Is it hard for you to write a cover letter?
For some job seekers, crafting this 1-page tell-all is so difficult it can bring the job search to a halt. Yes, you can hire someone to write a resume cover letter for you – but it’s also possible for you to pen it yourself, and get the results you need.
Before you write your next letter, consider this 1 get started tip…and avoid these 4 mistakes.
1 Get Started Tip
Simplify your hire-me message:
Why do I want this job? Let me count the ways…
If you are a seasoned pro, there are likely dozens of reasons why you’re a good fit. But you can’t include all of them in a 1-page letter. Instead, organize your thoughts with my 3-2-1 Rule.
First, study the job description and your resume; consider all the reasons why you are a top candidate for the job.
Next, answer this question:
Give me 3 reasons why I should hire you.
Now, give me 2 reasons.
Finally, state 1 reason why you should land this job.
As you work your way through 3-2-1, you’ll quickly distill the dozens of reasons into a short list – perfect for organizing your 1-page cover letter.
Now that you have simplified your hire-me message, you’re ready to begin writing.
4 Common Mistakes to Avoid
1. You have a bland opening line.
If there are dozens of people applying for the same job, what can you do to make your cover letter stand out?
I’m applying for a job I saw posted on Monster.com, and I want to tell you why you should interview me, doesn’t work like it used to.
If you’ve done the 3-2-1 exercise, then you already have the Number 1 reason why you should be interviewed. Start the letter with that fact, and you will avoid a bland opening line.
It looks like this: My best memory of working with seniors was when I started a socialization program for the residents of a psychiatric hospital in Wilsonville.
2. You didn’t introduce yourself.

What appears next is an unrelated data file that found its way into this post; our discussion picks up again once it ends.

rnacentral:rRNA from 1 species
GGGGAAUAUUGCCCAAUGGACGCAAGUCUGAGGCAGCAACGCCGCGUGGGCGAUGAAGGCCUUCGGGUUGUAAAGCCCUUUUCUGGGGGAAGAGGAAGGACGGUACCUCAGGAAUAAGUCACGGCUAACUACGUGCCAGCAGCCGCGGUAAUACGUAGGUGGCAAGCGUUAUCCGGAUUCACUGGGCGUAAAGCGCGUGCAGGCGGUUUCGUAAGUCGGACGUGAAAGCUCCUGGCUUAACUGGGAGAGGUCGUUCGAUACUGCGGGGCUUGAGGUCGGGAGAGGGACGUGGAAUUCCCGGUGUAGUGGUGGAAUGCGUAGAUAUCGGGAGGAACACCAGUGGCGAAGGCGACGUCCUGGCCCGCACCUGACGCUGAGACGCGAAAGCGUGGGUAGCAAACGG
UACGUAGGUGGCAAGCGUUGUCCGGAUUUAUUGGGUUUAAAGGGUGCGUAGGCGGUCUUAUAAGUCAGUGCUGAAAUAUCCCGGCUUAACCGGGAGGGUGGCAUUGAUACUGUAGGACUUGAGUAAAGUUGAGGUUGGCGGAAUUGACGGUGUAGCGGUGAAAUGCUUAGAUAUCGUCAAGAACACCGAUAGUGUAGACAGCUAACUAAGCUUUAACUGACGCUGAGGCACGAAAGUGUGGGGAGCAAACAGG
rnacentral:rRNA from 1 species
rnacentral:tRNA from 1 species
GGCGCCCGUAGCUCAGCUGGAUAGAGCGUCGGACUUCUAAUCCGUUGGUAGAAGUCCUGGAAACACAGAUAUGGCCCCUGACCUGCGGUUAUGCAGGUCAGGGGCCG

People forget to introduce themselves in the letter, and it’s so important. A cover letter is a letter of introduction. Most job seekers simply start with I am applying for the job I saw on Craigslist, and of course the reader doesn’t know who “I” is.
“I” statements are also unpopular because it makes the letter sound like it’s all about you. When you say, “My name is,” you shift the letter away from those annoying “I” statements and begin the process of defining how you benefit a company.
For example: My name is Joe Williams and I thrive on transforming concepts into award-winning customer and market solutions.
3. You write as if it’s all about you.
If you have too many “I” statements, you’re in danger of falling into this trap. Keep in mind: The cover letter is not about you, it’s about how you help solve a company’s problems in a way that no one else can.
This is a subtle mind shift. You have to think of yourself as a tool to solve a problem, an asset. The only reason there’s a job is because there’s a problem the company needs to have solved. No problem means no job.
Think of it this way: We don’t buy a hammer, we buy the dollhouse the hammer will build. So a hiring manager does not hire a CPA, she hires someone to make sure the company stays out of trouble with the IRS.
4. You didn’t deliver a “talk to me NOW” hook.
Your resume cover letter is a sales letter. Instead of the buy this, get that pitch that comes in the mail, your cover letter should emphasize: hire me, solve this problem.
Most people re-state their resume in the cover letter. That’s a mistake, because you’re not telling the reader anything new. Your resume is a listing of your job facts, the cover letter is the story of your career. Use the letter to share winning anecdotes or explain the statistics that prove your skills. The idea is to show, not tell, how you help a company solve a problem.
What you don’t want to say: I am a CPA with a keen eye for details.
What’s better: In my last job I conducted an internal audit that saved the company $2 million dollars.
Crafting your own resume cover letter can be a challenging and thought-provoking process, but so is the job search! Writing becomes easier when you organize your thoughts, pick a key message, and then deliver a compelling reason why you should be interviewed. Plus, you’ll be proving that you have strong writing skills – a must in today’s workplace.
Susan Rich writes and edits, then writes some more. She has a journalism degree and 20+ years experience in print, PR, and marketing. She has published more than 2,000 articles, that’s about 1 million words in print. An author and public speaker, Susan recently published her second book: Write it Rich! How to write a kick-butt resume cover letter. As the owner of RichWriting, she is the invisible voice behind website copy, ghost blogs, media scripts, and sales letters.
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